Monday, June 21, 2010
Find cuts to pay for spending
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From the RoundTable blog
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Cantor represents Virginia's 7th District in the House of Representatives, where he serves as the Republican Whip.
For too long, the federal government has spent money that it doesn't have. Guilty parties have included Congresses and administrations run by Republicans and Democrats alike. Everyone knows that Washington has a spending problem, and it has to stop.
The spending spree in Washington has put our country in a very dangerous position. Despite the warning signs, the Obama administration, working in tandem with the Democratic Congress, has made a bad situation worse. Instead of fixing the problem, the federal public debt has soared from $6.3 trillion to $8.2 trillion, and will soar past $20 trillion by 2020. That's trillion, with a "T." Meanwhile, your Congress continues to spend $4.9 billion per day.
Hard-working Virginians want their elected representatives to stop spending and start saving. We are a nation at a crossroads, and the decisions we make today will determine the kind of country we leave our children tomorrow.
To get back on the right path, Congress must start to make some choices that simply can't be delayed any longer. While we won't be able to solve our deficit problems overnight or with one silver bullet, we can and must begin to replace the culture of spending that now dominates Washington with a culture of savings.
I want to be a part of a Congress that is as focused on saving money as it is on spending it. We are working to transform the culture of spending in Washington in several ways, one of which is called YouCut -- a first-of-its-kind initiative designed to defeat runaway spending in Congress. It allows you to vote, both online and on your cellphone, on spending cuts that you want to see the House of Representatives enact. The response has been overwhelming, with more than 875,000 votes cast.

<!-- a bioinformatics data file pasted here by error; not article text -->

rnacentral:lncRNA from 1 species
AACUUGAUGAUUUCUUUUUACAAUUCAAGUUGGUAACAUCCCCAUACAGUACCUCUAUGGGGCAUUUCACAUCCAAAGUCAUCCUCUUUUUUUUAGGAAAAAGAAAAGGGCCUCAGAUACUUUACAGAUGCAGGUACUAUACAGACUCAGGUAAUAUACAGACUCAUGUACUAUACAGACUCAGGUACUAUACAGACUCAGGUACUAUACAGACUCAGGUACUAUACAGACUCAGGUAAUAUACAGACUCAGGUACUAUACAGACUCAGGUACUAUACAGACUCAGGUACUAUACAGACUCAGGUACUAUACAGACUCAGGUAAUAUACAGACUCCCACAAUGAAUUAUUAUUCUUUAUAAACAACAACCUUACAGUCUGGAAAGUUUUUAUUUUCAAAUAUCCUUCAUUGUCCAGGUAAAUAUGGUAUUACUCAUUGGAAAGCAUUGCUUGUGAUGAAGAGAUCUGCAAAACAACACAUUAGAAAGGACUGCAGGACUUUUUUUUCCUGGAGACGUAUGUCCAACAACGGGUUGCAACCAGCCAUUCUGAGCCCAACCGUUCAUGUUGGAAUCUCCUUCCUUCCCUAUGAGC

Recently, The Roanoke Times questioned whether my support for an alternative engine for the F-35 Joint Strike Fighter was necessary ("Fiscal responsibility goes out the window," June 13 editorial). After much research, I became convinced that there is a compelling national security and economic case to be made in favor of the alternate F-35.
Military procurement competition, particularly in the development of engines, has produced a wide range of savings and improvements in quality over the years -- and I have no doubt that the trend will continue in the future. Simply put, I believe that market competition will not only produce a better product for our military, but actually save money over time.
In fact, the Government Accountability Office reached the same conclusion. It estimated that F-35 engine competition may produce sufficient savings over the fighter's lifetime to offset the cost of developing an alternate engine. The GAO and the Armed Services Committee have also cited benefits such as enhanced operational readiness, superior engine performance, better engine reliability, improved responsiveness from contractors and the maintenance of a healthy industrial base.
Without the funding, we will be straitjacketed with only one engine for a plane that will comprise a whopping 90 percent of our fighters in 2035. This means that if the engine fails in the future, the vast majority of our fleet would be grounded until the problem was fixed or an alternative was found.
The question becomes whether the project is worth a $485 million investment. I believe it is, because ensuring our national defense is a core mission of the federal government. But I also am fully aware that in these challenging times, families in Virginia and across America face tough financial realities every day. To deal with those realities, they are forced to make difficult but necessary decisions. When you buy something you feel is essential, you find ways to save elsewhere so you don't go into debt. Why should your government act any differently?
I strongly believe that any time a member of Congress votes in favor of spending it is incumbent upon him to find ways to save elsewhere. That's why in the last month alone I have forced the House to vote on $100 billion in spending cuts. I wish that the majority of members would have supported the cuts, but each proposal managed to gain a measure of bipartisan support, and I am determined to keep working to find ways to save your money.
Make no mistake, when I support a program that I believe is worthwhile but will cost you money, I will work twice as hard to find areas to save you even more. That is the model we should all follow.